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HS2 archaeologists reveal secrets of small Roman town excavated near Aylesbury: Samian pottery uncovered during archaeological excavations at Fleet Marston, near Aylesbury, Buckinghamshire.
HS2 archaeologists reveal secrets of small Roman town excavated near Aylesbury: Samian pottery uncovered during archaeological excavations at Fleet Marston, near Aylesbury, Buckinghamshire.

HS2 archaeologists reveal secrets of small Roman town excavated near Aylesbury

  • Over 400 burials uncovered in Roman Cemetery
  • Buildings excavated and artefacts uncovered indicating a bustling Roman town

As part of HS2’s unprecedented archaeology programme, archaeologists have been able to excavate a Roman town in Fleet Marston, near Aylesbury, discovering more about what life was like in Roman Britain, two thousand years ago. Archaeologists from COPA JV, working on behalf of HS2’s Enabling Works Contractor Fusion JV, excavated at the site for over a year, uncovering parts of the town sitting along a major Roman road.

A team of around 50 archaeologists uncovered a series of enclosures that contained evidence of domestic structures, as well as commercial and industrial activity. These enclosures developed in a ladder-like plan either side of Akeman Street, a major Roman road that linked the Roman capital of Verulamium (modern St Albans) with Corinium Dobunnorum (now Cirencester) and going via Roman Alchester (near Bicester). The fieldwork traced the line of the road and uncovered the remains of its well-constructed limestone surface, and flanking drainage ditches

The team has also discovered over 1,200 coins along with several lead weights, indicating that this was an area of trade and commerce.  Parts of the widened road may have been used as a market, with extra room for carts and stalls.  Other metal objects, such as spoons, pins and brooches, were of a more domestic nature, while gaming dice and bells suggest that gambling and religious activity occupied people’s time here too. Apart from being home to many inhabitants, the settlement is likely to have been an important staging post for travellers and soldiers passing through Fleet Marston on their way to and from the garrison at Alchester.

A late Roman cemetery, the largest of its kind now known in Buckinghamshire has also been excavated. The cemetery contained around 425 burials. As was typical in the late Roman period, the cemetery predominantly contained inhumation burials but also included some cremation burials. The number of burials, along with the development of the settlement, suggests that there was a population influx into the town in the mid to  late Roman period, linked perhaps to increased agricultural production. There are two separate areas of burials suggesting the cemetery may have been organised by tribe, family, ethnic grouping.

Amongst the buried population at Fleet Marston are a number of decapitated burials, approximately 10% of those buried there. There are several instances of the head being placed between the legs or next to the feet. One interpretation of this burial practice is that it could be the burial of criminals or a type of outcast, although decapitation is well-known elsewhere and appears to have been a normal, albeit marginal, burial rite during the late Roman period.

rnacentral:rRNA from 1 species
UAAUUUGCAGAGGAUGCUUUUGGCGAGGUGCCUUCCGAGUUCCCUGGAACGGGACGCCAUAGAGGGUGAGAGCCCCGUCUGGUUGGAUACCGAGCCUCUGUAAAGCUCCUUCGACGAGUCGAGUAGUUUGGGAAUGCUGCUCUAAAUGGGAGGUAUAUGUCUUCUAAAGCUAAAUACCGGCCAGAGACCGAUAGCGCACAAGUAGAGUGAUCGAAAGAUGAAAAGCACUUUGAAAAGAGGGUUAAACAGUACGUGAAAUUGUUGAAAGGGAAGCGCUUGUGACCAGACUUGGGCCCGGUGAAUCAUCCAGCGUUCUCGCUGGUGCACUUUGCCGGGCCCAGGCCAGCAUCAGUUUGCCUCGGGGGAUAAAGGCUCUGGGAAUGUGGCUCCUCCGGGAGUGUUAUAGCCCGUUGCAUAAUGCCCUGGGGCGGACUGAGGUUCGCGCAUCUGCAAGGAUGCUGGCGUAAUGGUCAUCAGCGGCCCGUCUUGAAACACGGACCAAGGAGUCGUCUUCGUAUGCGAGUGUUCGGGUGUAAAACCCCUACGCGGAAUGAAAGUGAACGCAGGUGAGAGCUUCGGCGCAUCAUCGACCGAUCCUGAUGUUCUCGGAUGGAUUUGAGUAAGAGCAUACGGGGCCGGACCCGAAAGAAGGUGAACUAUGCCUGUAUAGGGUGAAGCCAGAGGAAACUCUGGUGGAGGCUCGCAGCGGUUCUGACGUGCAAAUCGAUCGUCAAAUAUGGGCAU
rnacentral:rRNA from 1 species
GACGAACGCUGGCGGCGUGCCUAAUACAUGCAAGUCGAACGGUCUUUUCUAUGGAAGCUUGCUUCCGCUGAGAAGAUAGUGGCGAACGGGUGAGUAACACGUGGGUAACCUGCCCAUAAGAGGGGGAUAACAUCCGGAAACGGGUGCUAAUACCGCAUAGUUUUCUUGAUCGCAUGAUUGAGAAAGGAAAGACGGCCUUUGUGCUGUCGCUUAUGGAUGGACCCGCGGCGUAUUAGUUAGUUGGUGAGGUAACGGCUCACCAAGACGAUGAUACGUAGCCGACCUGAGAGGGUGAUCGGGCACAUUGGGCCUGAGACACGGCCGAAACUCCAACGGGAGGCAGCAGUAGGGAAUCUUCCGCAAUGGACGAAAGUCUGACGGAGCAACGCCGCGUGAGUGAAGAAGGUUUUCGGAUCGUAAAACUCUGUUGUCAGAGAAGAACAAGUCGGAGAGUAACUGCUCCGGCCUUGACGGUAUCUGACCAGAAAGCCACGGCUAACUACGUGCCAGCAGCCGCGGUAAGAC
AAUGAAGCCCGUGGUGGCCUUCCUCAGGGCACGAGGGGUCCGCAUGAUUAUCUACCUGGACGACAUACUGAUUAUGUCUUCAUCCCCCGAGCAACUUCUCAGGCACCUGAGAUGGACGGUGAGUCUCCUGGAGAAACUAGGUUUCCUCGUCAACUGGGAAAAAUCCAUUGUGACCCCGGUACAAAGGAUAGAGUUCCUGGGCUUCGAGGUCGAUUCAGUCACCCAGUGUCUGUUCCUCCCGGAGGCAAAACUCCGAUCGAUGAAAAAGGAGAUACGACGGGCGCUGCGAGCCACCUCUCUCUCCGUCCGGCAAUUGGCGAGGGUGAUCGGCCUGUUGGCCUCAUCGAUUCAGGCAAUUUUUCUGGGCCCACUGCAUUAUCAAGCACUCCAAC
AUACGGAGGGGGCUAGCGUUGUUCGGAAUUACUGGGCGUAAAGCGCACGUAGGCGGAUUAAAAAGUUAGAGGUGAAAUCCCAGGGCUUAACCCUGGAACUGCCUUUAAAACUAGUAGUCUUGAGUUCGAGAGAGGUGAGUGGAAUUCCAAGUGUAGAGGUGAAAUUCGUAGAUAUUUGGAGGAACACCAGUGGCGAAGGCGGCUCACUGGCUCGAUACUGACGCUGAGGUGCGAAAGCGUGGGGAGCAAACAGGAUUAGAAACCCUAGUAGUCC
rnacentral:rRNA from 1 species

Richard Brown, Senior Project Manager for COPA said:

“The excavation is significant in both enabling a clear characterisation of this Roman town but also a study of many of its inhabitants. Along with several new Roman settlement sites discovered during the HS2 works it enhances and populates the map of Roman Buckinghamshire” 

Further south on the HS2 site, on a low hill away from Akeman Street, archaeologists found evidence of Early Iron Age large enclosures with wide, deep ditches. The nature of the Iron Age activity is currently uncertain, but the enclosures suggest it the area was used for farming before the town was established. Early in the Roman period, the area was the site of open-cast gravel quarrying, possibly used for the construction or maintenance of Akeman Street and its branch roads. A stone-built corn dryer or malting oven, the latter providing potential evidence for brewing, was also constructed in this area.

Fleet Marston is one of over 100 archaeological sites that HS2 has examined since 2018 between London and Birmingham, which together provide a detailed insight into the rich history of Britain. A larger Roman settlement, Blackgrounds, has also been excavated by HS2 archaeologists in South Northamptonshire, providing more evidence of what life was like in Roman Britain.

Speaking about the excavations, Helen Wass, Head of Heritage at HS2 Ltd said:

“The HS2 archaeology programme has enabled us to learn more about our rich history in Britain.  The large Roman cemetery at Fleet Marston will enable us to gain a detailed insight into the residents of Fleet Marston and the wider Roman Britain landscape.

“All human remains uncovered will be treated with dignity, care and respect and our discoveries will be shared with the community. HS2’s archaeology programme seeks to engage with all communities both local and nationally to share the information and knowledge gained as well as leaving a lasting archival and skills legacy.”

Overall, the excavation of the site at Fleet Marston including the burials provides a picture of the lives and beliefs of the community that lived there during the Roman period. A programme of post-excavation assessment and analysis will be carried out over the next few years, which will offer an opportunity to address questions about origins, diet, family links, lifestyles, beliefs and so on that have so rarely been asked in the region.

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